SARASOTA — The receiver in the Ponzi scheme of Arthur Nadel, a former hedge fund manager from Sarasota, filed a lawsuit Thursday against Wells Fargo, seeking millions of dollars from the nation's fourth-largest bank over its involvement in the scheme that defrauded hundreds of investors.
The lawsuit from receiver Burton Wiand contends Wachovia Bank — now owned by Wells Fargo — played an "essential" role in the fraud by allowing Nadel, now serving a 14-year prison sentence in North Carolina, to siphon funds into shadow bank accounts.
The lawsuit seeks monetary damages from Wells Fargo, but the exact amount is unclear. Investors lost $168 million in the scheme, and attorney Terry Smiljanich said he will pursue a sum equal to that amount, less what the receivership recovers from others.
"The bank turned its back on its responsibility under the law and allowed Nadel free rein to steal this money," Smiljanich said. "He robbed these innocent victims blind, in some cases taking their entire life savings."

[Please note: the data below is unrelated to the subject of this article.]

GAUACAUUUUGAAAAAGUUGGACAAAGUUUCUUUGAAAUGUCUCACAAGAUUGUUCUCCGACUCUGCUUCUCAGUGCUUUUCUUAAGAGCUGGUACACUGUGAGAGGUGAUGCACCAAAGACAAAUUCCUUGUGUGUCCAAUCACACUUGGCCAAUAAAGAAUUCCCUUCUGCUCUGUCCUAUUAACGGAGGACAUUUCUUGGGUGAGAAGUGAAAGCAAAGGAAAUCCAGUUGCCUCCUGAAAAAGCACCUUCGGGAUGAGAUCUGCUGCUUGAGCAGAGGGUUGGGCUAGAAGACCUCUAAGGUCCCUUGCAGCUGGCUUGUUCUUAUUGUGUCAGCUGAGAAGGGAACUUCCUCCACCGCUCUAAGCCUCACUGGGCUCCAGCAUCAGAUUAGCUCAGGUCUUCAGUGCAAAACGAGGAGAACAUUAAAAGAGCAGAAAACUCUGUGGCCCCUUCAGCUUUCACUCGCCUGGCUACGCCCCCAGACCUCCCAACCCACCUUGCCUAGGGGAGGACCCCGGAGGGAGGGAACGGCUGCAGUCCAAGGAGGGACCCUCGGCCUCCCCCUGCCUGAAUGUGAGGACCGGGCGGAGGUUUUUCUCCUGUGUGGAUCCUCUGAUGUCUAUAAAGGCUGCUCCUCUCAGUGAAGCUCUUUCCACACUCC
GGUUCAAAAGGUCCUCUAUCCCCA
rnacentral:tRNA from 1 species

Nadel's relationship with Wachovia was so cozy, the bank invested $550,000 in two of his hedge funds, cashing out more than $425,000 in profits two months before the scheme imploded in January 2009, the lawsuit said. The bank later returned those "false profits" to the receivership.
Wells Fargo declined comment.
The lawsuit, filed in Sarasota Circuit Court, also names Timothy Ryan Best, a former vice president with Wachovia's Private Banking Group in Tampa who left Wells Fargo in October.